In 2013 I worked as the Team Leader SME (Subject matter expert) in the Cybersecurity Division of a major non-profit company. The company had a new employee healthcare company Excellus Bluecross BlueShield Insurance, in Rochester, New York.
Employees of the company began reporting that they were getting reports from their credit card companies that they were getting unauthorized charges.
The FBI informed the company that the Excellus Bluecross BlueShield Insurance was a part of a data breach that began in 2013, two years before.
At the time, the breach of Bluecross Blueshield was one of the largest of its kind and exposed more than 10 million clients’ health data and personal information and vendors. Yet, the crime was undetected for more than 20 months by the company or any of the providers. As a result, the cybercriminals had access to names, birth dates, claims history, and financial records.
Your PII is for sale by the “bad guy.”
The PII is your private information that your company is obligated to protect for you. But you as a part of your job may be required to do also.
The medical information is the prime data for Cybercriminals on the “darkweb” it provides email addresses and the financial history of every employee. Additionally, the data is sold on listserv boards, which enables the creation of a phishing email for that client, allowing the bad guys to gain access to an entire company.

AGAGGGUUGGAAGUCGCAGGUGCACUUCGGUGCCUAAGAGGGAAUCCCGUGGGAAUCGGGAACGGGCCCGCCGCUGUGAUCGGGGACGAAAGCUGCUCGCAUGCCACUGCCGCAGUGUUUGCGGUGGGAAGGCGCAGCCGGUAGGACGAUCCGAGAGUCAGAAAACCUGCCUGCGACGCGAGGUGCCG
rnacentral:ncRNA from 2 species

Today’s ransomware breaches begin with emails containing attachments that launch a malware virus that reconnaissance the company servers before the attack.
The breach of Bluecross and Blueshield began with Cybercriminals gaining access to employees’ passwords; many did not even use a secure password. Next, clients connected to their home emails that installed malware that infected their work computers. Finally, the contractors hired by companies were subject to spearphishing email attacks that allowed the cybercriminals to gain specific information like human resources, network connections, and applications.
Most companies offer training to employees to guard against phishing and password theft and how to maintain a secure system, but I found clients that rejected the courses.
Most clients’ privacy issues can be managed by simple measures on their computers and phones. However, clients first must accept that they are subject to cybercrime daily and that simple thing like a password with two-stage authentications that are changed periodically protects best.
The use of encryption in email works best when sending data that contains attachments. Suspect emails with attachments should be referred to IT support for evaluation. Clients learn not to share company email files with their email on their home computer or establish remote connections between the systems. The antivirus on the computer needs to be running consistently and all application updates fully installed and running.
Your company default internet browser should not be altered unless approved by IT support. The reason is that your companies cybersecurity may have software used to track adware and spyware used by cybercriminals to track your activities.
Applications for remote meetings like Zoom and M.S. Team that connect via your internet browser are a new target of hackers to access your privacy, stealing your digital image for extortion and blackmail.
On January 24, 2022, Actress Olivia Munn was in an AAPI meeting that was attacked. The hackers were able to access a live zoom meeting through her phone. But cybercriminals can make the same attack in your company systems.
Your data privacy is not automatic from your company, so the same safeguards you use for the company have to maintain on the systems and applications at work.